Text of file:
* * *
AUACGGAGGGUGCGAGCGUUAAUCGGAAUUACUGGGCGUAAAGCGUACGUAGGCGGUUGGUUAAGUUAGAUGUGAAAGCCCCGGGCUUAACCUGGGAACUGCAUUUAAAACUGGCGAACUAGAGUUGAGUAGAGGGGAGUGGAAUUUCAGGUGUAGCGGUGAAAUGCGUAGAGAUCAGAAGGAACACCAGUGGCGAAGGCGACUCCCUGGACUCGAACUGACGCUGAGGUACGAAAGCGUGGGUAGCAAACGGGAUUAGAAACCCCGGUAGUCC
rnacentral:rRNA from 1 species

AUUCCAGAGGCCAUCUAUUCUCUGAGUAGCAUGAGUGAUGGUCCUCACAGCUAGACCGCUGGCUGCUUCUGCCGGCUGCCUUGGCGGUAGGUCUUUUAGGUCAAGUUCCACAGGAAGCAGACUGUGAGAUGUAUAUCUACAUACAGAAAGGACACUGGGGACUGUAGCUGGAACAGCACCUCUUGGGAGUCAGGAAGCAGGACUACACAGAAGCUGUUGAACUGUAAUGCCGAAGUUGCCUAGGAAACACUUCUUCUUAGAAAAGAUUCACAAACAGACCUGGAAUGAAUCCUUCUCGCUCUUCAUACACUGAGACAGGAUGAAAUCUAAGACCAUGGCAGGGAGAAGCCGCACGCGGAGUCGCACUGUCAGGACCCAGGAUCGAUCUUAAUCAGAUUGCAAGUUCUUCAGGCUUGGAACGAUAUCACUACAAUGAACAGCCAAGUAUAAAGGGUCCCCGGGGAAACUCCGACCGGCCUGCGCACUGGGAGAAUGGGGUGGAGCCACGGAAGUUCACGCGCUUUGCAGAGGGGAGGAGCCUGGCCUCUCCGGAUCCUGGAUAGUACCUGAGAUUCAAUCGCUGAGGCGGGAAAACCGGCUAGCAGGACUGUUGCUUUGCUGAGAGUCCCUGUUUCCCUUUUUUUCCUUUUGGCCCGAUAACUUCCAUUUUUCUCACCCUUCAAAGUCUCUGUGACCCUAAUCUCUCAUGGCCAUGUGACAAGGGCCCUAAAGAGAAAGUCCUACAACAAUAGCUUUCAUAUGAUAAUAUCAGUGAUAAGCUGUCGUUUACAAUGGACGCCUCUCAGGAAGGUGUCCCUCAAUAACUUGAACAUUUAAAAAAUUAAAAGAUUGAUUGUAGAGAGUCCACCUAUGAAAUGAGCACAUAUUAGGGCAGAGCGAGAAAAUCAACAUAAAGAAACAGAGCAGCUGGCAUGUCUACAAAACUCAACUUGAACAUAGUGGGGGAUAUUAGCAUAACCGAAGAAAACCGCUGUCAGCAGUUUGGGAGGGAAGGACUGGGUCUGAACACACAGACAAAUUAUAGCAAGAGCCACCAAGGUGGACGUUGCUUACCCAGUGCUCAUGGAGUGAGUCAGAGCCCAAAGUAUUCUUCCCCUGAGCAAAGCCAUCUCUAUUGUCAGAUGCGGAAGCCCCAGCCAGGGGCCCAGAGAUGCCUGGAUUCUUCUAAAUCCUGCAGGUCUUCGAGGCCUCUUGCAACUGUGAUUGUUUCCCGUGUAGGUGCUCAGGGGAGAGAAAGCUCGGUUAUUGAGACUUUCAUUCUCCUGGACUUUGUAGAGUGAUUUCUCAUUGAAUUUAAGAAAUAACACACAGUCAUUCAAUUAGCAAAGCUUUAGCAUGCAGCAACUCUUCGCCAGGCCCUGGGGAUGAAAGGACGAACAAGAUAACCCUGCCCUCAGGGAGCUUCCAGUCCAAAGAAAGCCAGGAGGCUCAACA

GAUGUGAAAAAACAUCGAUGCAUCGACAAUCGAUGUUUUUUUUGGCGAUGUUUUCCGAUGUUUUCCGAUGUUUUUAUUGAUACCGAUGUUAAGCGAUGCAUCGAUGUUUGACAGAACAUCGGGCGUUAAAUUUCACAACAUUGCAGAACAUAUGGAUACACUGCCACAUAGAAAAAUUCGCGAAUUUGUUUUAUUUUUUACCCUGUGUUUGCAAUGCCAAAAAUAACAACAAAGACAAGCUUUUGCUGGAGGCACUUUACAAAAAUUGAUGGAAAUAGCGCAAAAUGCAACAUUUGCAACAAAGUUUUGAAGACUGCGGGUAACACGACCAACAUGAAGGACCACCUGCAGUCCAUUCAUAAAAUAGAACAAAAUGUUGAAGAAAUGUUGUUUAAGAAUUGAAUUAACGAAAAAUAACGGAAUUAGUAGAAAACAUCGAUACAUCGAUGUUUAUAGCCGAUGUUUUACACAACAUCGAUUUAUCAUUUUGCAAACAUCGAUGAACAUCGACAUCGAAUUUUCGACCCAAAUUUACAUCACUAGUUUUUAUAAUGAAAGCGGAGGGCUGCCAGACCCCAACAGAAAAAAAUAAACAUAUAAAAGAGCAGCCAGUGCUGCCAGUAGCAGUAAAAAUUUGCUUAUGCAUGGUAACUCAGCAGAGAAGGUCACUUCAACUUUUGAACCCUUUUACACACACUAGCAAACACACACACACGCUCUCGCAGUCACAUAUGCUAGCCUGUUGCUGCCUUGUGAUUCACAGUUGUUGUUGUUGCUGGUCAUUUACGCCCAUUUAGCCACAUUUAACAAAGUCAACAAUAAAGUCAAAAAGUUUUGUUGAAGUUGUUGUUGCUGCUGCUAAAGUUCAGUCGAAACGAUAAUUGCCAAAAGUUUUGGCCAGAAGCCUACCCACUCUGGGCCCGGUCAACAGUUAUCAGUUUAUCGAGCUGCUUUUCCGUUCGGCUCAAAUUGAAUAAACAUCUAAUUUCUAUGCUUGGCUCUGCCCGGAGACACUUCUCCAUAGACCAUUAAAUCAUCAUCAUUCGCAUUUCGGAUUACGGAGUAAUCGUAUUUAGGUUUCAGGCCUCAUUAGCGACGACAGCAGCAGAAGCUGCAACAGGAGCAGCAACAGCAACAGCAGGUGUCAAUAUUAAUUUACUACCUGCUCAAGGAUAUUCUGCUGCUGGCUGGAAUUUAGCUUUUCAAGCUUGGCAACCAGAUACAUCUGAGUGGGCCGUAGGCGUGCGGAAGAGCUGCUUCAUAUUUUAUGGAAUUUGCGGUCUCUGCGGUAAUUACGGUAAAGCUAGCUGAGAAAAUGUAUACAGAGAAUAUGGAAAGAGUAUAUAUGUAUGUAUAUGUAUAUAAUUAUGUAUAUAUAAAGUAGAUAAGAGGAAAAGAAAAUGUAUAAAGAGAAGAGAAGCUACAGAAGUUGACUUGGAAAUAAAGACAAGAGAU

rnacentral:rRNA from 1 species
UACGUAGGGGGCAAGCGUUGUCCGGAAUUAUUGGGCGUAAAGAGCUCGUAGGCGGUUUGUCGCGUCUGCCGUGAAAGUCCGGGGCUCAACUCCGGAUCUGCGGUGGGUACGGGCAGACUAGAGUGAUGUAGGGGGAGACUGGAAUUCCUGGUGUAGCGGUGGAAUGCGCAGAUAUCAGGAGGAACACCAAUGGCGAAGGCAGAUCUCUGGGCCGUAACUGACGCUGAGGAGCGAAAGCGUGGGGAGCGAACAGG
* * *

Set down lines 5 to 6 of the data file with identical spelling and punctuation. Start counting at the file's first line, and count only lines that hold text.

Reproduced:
rnacentral:rRNA from 1 species
UACGUAGGGGGCAAGCGUUGUCCGGAAUUAUUGGGCGUAAAGAGCUCGUAGGCGGUUUGUCGCGUCUGCCGUGAAAGUCCGGGGCUCAACUCCGGAUCUGCGGUGGGUACGGGCAGACUAGAGUGAUGUAGGGGGAGACUGGAAUUCCUGGUGUAGCGGUGGAAUGCGCAGAUAUCAGGAGGAACACCAAUGGCGAAGGCAGAUCUCUGGGCCGUAACUGACGCUGAGGAGCGAAAGCGUGGGGAGCGAACAGG